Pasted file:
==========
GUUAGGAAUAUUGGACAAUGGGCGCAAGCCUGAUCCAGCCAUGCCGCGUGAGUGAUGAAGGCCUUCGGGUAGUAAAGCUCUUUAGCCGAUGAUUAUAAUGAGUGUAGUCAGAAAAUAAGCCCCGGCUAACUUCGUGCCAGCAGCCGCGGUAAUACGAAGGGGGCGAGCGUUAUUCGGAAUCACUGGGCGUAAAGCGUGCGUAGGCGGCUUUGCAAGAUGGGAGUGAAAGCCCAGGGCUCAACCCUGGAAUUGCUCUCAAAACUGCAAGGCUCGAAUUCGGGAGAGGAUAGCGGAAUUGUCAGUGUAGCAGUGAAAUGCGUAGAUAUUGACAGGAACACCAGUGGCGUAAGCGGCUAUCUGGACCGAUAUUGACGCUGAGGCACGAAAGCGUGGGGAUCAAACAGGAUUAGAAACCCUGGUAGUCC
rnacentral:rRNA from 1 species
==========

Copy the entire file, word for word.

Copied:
GUUAGGAAUAUUGGACAAUGGGCGCAAGCCUGAUCCAGCCAUGCCGCGUGAGUGAUGAAGGCCUUCGGGUAGUAAAGCUCUUUAGCCGAUGAUUAUAAUGAGUGUAGUCAGAAAAUAAGCCCCGGCUAACUUCGUGCCAGCAGCCGCGGUAAUACGAAGGGGGCGAGCGUUAUUCGGAAUCACUGGGCGUAAAGCGUGCGUAGGCGGCUUUGCAAGAUGGGAGUGAAAGCCCAGGGCUCAACCCUGGAAUUGCUCUCAAAACUGCAAGGCUCGAAUUCGGGAGAGGAUAGCGGAAUUGUCAGUGUAGCAGUGAAAUGCGUAGAUAUUGACAGGAACACCAGUGGCGUAAGCGGCUAUCUGGACCGAUAUUGACGCUGAGGCACGAAAGCGUGGGGAUCAAACAGGAUUAGAAACCCUGGUAGUCC
rnacentral:rRNA from 1 species